Another discovery this past summer was the importance of leaf pulling in the far north for more than fruit exposure. Typically, "northern" vineyards (but still well south of our vineyard) practice pulling leaves in the fruiting zone once veraison has begun to get more sunlight on the fruit and encourage the ripening process (adds heat and direct sunlight on the berries). Well, as our serendipitous experiments usually turn out, we learned a valuable lesson in "leaf pulling" due to the very dry summer and abundant sunshine. The bottom 3 ft (1 m) of our Arthur Pinchbeck vine had all leaves facing north. Odd, I know, but that is how it grew. Above that, the leaves oriented in all directions. Our theory (based on fairly sound science) was that the leaves were trying to avoid the sunlight to reduce water loss and oriented themselves as far "out of the sun" as possible. This is a common strategy used by plants that are water stressed. By turning the top of the leaf (most photosynthetically active surface) away from direct sunlight, photosynthesis is reduced. In addition the leaf temperature is reduced, stomatal opening is reduced, and water loss decreases. Uh, that's all well and good, but why was that important this year. Turns out that here, the hardening off of grapevine shoots in the fall (and subsequent survival and budding out in the spring) is very dependent on sunlight exposure during the latter half of the summer. From our observations, shoots need more than 4 weeks of direct sunlight on them in order to adequately mature the shoot and begin forming periderm. We saw periderm formation on Arthur Pinchbeck and Alpenglow by mid-July this year - compared to mid- to late- August in other years. Once we started pulling leaves on other varieties, we saw significantly more periderm formation on them than in past years. The most noticeable variety was ES 80. This Elmer Swenson variety (one of his first) has turned yellow and dropped its leaves in the fall every year in the past. However, it has never formed periderm. This year, with its basal leaves pulled beginning in late July, it developed periderm over most of its shoot and looked really good going into the winter. It has fairly large leaves that tend to shade the shoot. Remove the leaves later in the season and viola! it forms periderm. Leaf pulling did not affect all vines equally and our largely V. labrusca derived vines were the least affected. Those with more V. riparian or V. amurensis responded more strongly.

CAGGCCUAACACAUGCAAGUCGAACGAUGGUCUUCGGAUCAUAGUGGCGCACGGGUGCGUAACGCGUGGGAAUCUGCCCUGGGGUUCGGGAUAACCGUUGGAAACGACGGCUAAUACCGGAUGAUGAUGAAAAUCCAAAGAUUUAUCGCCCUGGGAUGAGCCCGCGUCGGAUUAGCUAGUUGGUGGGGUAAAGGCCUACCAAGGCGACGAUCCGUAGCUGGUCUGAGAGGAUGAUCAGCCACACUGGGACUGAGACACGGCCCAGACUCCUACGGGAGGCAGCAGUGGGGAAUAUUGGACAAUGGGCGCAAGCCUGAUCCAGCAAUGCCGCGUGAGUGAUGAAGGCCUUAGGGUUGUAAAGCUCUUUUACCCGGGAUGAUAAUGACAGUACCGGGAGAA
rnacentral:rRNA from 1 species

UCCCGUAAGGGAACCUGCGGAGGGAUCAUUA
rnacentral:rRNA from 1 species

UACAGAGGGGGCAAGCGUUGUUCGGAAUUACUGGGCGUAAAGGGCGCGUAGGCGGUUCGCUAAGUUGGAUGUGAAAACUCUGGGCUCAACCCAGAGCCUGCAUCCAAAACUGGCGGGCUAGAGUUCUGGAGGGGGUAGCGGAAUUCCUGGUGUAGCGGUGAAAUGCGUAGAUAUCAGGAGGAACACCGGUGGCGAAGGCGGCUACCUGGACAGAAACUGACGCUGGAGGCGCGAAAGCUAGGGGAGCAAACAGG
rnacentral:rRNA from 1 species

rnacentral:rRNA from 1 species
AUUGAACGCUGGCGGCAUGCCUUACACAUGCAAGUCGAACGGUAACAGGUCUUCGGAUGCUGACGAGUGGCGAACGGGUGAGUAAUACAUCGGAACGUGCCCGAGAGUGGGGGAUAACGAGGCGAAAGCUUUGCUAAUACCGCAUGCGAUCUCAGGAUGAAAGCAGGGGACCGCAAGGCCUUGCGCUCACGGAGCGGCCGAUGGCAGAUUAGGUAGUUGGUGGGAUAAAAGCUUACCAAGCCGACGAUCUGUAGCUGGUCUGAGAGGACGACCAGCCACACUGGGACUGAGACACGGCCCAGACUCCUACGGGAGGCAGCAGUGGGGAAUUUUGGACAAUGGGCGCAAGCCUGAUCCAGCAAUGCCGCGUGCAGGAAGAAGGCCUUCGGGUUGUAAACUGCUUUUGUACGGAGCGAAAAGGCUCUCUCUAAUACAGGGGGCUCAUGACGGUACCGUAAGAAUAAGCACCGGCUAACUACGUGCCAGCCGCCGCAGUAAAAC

Speaking of V. amurensis, we also ran an experiment with grow tubes this summer and found that this species requires substantially more water than our other species/varieties. Even in the middle of the heat and dryness, there was moisture condensing inside the grow tube on Amur-1 (one of two remaining seedlings from several years ago). This species comes from northeasern China/Russia where the summers are hot and very humid and winters are cold and very dry. So, summer droughts are not its specialty - winter droughts, on the other hand, it handles with ease. We will have to really water that one well next summer to see if it will grow better. As usual, this vine was completely dormant 123 days after budswell (May 13-September 13). Now if it will produce fruit and ripen it in that time, we're onto something.
Understand that when we say "serendipitous experiment", these experiments arose entirely on their own. We just observed the results. A well documented serendipitous experiment here on the farm was the discovery that covering trailing blackberries with row cover over the winter improved winter survival. We were too busy one winter to remove the row cover we were using to help ripen blackberries in the fall and the next spring we found live canes under the row cover and dead canes beyond the cover. We now (almost always) cover our most productive blackberry plants with row cover for the winter. More on that ongoing experiment in a future post.